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Dr Travis Holland: Let’s develop students ability to produce real work for real audiences.

Dr Travis Holland is Course Director for the Bachelor of Communication and Master of Communication degree sets. He is also a lecturer and researcher in Communication and Digital Media. Travis teaches both undergraduate and masters’ level subjects on digital media, communication theory, and research strategies. In this post he explains the thinking behind using social media platforms for teaching in his subjects.

What’s important about this learning and teaching story?

In Communication and Creative Industries, our students are fundamentally public communicators and storytellers, or intend to be once they graduate. Asking them to use public social networks and other publishing platforms is about developing appropriate skills in a supported environment to prepare them for their post-uni working life. Part of their professional socialisation needs to be about learning to communicate in public. For us, this embodies several CSU GLOs, including Digital Literacies and Professional Practice.

What were you trying to achieve?

If students live in a culture that digitizes and educates them through a screen, they require an education that empowers them in that sphere, teaches them that language, and offers new opportunities of human connectivity. (Pete Rorabaugh)

I’ve often found frustration in our practice of asking students to produce work only to have it locked away for a limited audience, mostly the marker but occasionally small groups of fellow students. We have the technical capabilities and infrastructure to push student work into the world via web streaming, our on campus radio station and national newsroom, and our text-based news website. Developing strategies for students to engage in these spaces and to produce real work for real audiences has to be a fundamental element of our courses.

What did it look like?

In COM112 Digital Media in 2018, students were asked, but not required, to establish accounts and post to Twitter as a way of demonstrating engagement with the content and with each other.

The subject outline included the following instruction:
We will use a blended mode of learning with face-to-face and streamed lectures supported by an online backchannel discussion through Twitter on the hashtag #COM112 and on campus tutorials. Whether on campus or online, you should use the hashtag to find work by your colleagues and provide constructive feedback…

For assessment, students were required to establish a digital public identity and make regular posts in different formats and on different topics, which could be their Twitter account or any other platform of their choosing. We committed to supporting the use of 8 platforms but students could use any other by negotiation.

Each week, the teaching team would post to the subject hashtag with thoughts, links to readings (both those listed in the subject outline and those that emerged during the session), and prompts or activities. These posts were done from our own accounts as a way of living our pedagogy. This was often the same or similar content to that posted in Interact to comply with CSU policies around external educational technology not replacing the LMS. I created a single thread of dozens of tweets to act as a central organising narrative (toward the end of the session, I curated it into a Twitter moment).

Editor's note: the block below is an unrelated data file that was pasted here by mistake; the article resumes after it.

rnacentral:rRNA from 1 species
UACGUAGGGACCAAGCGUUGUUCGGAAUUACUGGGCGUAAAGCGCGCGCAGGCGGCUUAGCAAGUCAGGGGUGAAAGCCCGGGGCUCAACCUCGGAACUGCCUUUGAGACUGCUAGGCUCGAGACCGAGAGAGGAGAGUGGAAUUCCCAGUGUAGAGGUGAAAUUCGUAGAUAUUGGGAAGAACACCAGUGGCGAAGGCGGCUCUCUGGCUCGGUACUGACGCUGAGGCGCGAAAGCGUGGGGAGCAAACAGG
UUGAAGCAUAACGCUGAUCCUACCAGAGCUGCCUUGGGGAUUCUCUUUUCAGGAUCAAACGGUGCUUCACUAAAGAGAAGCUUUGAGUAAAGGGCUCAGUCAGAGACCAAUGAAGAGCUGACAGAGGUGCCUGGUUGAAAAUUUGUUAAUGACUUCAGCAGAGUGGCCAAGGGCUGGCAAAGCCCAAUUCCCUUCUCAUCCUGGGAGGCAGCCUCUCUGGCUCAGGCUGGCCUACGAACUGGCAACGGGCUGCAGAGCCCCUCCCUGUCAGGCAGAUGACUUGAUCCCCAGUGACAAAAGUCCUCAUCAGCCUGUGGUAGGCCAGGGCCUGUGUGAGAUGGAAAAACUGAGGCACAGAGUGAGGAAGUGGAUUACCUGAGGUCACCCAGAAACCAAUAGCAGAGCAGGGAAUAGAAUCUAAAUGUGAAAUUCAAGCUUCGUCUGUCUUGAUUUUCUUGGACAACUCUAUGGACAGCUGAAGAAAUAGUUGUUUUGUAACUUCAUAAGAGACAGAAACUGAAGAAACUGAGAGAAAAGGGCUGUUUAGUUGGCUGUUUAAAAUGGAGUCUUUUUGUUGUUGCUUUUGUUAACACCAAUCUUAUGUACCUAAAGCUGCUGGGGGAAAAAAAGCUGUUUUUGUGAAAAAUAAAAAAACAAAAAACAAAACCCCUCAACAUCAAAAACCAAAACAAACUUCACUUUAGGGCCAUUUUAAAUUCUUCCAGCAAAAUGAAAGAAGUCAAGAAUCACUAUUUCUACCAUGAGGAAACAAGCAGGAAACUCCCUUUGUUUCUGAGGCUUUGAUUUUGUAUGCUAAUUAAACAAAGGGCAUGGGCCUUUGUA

How can I make this happen?

Fortunately, establishing accounts and experimenting with these tools is easy. However, their use needs to be planned and staged. I have developed and introduced my methods over several years, each year deepening engagement a little more. And, it is still not directly assessable so students don’t feel pressured into being in spaces in which they’re not comfortable.

A common concern from colleagues is the potential for the use of these systems to attract trolls or abusive behaviour. And, as Marta Burtis notes, well-meaning or risk-averse staff  ‘are concerned about what happens when it breaks.’ However, I’ve rarely encountered the issue of trolling, even with hundreds of students taking part. When it breaks, ‘You tell them: Good! It broke.’ The perceived risk ought to be further mitigated by recognising that, in part, the pedagogical set up to this process involves developing students’ ability to handle negative interactions and unexpected interruptions by doing work on the ethics of blogging, discussing trolling and other negative behaviours, and equipping them to fix things. There is a strong need to have students working with this experience early and developing skills to identify and manage known issues.

The role of educators

Part of our responsibility of care and as facilitators and guides in asking students to do this work is providing extra support for those students. This approach should never prevent private submission (or anonymised accounts) in compelling circumstances. Importantly, we should recognise that technology is not neutral (including the LMS), and temper our enthusiasm for any tools with those considerations in mind. I take my cues from watching and reading scholars around the world.

If you want to develop and use public networks like Twitter, I suggest first following and engaging with the works of: